Cokyasar shared a few other potential use cases with EE Power: Drones could be recharged with platforms on top of lamp posts to boost battery endurance and enable longer distances. Or they could wirelessly recharge mid-air, which is faster (taking about six minutes) and eliminates cords.
Another opportunity lies in drones with battery-swapping functions.
“A few companies have already built automated battery swapping machines for different uses of drone operations,” Cokyasar said. “These machines can be adopted to let drones deliver to longer distances while hopping from one machine to another and swap their batteries.”
Zooming Out: Drone Delivery Market Heats Up
Argonne’s findings open up new considerations in the budding drone delivery market. The industry is still relatively nascent as only a handful of companies have been certified by the U.S. Federal Aviation Administration to deliver packages with drones, including industry giants Amazon and UPS Flight Forward, alongside California-based drone delivery provider Zipline and Google-owned Wing Aviation.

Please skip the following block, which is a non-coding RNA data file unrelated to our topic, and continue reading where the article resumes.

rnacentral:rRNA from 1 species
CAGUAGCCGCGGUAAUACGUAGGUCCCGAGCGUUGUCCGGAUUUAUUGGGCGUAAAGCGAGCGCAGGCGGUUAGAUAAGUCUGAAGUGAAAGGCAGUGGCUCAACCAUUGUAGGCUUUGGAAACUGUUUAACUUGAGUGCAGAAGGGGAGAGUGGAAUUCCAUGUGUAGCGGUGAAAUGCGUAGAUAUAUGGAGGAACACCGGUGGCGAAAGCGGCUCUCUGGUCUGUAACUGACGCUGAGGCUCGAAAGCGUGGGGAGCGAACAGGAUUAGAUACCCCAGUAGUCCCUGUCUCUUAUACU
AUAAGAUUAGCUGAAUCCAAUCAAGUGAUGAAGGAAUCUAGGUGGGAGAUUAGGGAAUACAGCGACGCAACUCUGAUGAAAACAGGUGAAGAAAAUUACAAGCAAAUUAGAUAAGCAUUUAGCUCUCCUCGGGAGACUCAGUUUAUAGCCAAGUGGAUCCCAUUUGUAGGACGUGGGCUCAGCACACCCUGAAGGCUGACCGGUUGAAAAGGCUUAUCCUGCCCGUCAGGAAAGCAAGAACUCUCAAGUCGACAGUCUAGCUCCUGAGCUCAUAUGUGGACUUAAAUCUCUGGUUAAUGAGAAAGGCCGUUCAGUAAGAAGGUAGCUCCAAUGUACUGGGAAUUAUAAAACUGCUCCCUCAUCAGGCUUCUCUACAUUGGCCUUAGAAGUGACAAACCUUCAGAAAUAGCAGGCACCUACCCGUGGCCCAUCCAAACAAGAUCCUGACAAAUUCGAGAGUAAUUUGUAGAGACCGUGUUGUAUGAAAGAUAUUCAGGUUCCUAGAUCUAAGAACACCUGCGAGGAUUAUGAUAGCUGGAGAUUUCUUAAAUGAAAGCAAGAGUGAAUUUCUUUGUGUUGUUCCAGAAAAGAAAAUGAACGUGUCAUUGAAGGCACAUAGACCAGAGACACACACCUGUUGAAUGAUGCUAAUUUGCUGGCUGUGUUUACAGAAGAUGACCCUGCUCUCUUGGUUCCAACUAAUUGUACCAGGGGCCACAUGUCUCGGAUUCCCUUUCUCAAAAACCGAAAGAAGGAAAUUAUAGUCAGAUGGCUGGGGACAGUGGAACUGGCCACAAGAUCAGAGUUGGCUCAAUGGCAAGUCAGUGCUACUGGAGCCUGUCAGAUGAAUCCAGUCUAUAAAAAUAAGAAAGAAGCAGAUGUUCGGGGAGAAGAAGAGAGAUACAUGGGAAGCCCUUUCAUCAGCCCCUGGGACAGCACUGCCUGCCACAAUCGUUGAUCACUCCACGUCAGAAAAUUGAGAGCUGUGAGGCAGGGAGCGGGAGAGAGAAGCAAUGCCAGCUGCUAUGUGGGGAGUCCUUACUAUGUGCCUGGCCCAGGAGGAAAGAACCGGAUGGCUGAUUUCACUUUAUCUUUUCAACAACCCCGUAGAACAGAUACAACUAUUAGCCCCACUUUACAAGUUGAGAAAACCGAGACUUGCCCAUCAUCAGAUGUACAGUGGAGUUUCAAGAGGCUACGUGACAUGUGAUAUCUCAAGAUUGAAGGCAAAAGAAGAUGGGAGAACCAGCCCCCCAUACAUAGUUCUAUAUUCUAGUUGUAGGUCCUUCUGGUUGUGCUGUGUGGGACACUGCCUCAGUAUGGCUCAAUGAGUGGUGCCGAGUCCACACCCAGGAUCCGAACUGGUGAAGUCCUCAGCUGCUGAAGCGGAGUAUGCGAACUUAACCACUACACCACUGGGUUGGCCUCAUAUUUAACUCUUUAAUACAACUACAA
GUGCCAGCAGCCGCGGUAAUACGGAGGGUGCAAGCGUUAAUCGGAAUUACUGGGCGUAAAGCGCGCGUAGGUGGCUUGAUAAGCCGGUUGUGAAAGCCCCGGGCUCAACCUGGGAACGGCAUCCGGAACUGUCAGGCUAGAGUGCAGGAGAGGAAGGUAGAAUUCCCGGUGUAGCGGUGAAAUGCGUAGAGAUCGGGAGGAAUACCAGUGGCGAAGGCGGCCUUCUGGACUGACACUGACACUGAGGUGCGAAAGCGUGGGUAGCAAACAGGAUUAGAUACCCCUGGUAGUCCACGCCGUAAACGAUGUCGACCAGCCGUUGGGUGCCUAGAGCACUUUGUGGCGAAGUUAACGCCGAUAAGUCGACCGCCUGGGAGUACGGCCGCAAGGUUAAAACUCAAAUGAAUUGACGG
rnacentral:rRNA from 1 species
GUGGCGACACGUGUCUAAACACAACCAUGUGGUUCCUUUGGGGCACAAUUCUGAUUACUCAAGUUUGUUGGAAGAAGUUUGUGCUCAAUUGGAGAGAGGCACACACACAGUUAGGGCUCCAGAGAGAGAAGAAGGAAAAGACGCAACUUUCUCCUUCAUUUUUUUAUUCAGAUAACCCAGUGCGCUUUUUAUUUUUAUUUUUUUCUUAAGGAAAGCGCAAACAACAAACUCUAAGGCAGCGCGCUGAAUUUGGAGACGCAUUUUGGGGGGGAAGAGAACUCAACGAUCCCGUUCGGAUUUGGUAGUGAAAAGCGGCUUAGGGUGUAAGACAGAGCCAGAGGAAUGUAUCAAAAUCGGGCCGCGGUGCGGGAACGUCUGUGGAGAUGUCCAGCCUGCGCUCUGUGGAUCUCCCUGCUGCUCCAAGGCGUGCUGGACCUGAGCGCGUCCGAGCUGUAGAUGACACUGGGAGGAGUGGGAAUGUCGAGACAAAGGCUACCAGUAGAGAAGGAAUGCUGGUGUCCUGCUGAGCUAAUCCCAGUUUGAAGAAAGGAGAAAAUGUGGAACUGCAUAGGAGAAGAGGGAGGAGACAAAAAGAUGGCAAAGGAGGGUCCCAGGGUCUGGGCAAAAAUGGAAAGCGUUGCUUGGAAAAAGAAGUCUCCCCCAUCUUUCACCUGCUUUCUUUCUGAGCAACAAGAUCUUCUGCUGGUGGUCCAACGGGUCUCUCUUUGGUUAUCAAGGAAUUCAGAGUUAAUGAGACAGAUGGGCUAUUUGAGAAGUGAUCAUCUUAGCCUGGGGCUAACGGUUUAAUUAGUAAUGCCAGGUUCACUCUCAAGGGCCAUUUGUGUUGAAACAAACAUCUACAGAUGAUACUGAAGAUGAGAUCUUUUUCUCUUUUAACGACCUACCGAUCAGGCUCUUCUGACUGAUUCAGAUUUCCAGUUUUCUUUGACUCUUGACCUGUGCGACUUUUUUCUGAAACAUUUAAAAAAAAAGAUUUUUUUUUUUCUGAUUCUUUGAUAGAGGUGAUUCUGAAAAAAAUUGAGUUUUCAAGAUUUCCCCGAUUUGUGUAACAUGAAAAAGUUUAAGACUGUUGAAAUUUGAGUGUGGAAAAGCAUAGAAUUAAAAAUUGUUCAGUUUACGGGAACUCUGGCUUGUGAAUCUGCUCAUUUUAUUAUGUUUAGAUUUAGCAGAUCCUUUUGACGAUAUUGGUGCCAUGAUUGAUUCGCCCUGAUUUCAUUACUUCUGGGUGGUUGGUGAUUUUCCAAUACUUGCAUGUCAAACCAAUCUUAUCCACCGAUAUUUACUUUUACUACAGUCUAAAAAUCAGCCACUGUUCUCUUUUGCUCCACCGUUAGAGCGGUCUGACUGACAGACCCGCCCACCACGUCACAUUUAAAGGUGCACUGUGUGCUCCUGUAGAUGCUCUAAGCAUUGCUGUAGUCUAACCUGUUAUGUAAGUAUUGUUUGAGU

Ultimately, cost remains a critical barrier to mainstream drone adoption for deliveries. A recent analysis from McKinsey & Company mentioned that most regulations require a visual observer to monitor drone airspace, and only one drone can be operated at a time. For that reason, labor accounts for up to 95% of the total cost of drone delivery—making it not cost-competitive with electric vehicles and conventional internal combustion engine vans.
This chart compares the cost and emissions of delivery drones, electric cars and vans, and internal combustion engine vans. Image used courtesy of McKinsey & Company
But that doesn’t mean the industry is slowing down. Insider Intelligence estimates that the number of retail delivery drone units in the U.S. will increase from 35,000 at the end of 2022 to more than 110,000 in 2024.
Some of the world’s leading companies are jumping in: Amazon recently launched its Prime Air delivery service last December, serving customers in California and Texas with plans to expand to more cities over time. Meanwhile, Walmart completed more than 6,000 drone deliveries in 2022. The grocery giant has 36 U.S. stores across seven states with drone delivery hubs operated by third parties such as Zipline. Most of its Neighborhood Market items meet the 10-pound weight requirement for drone delivery.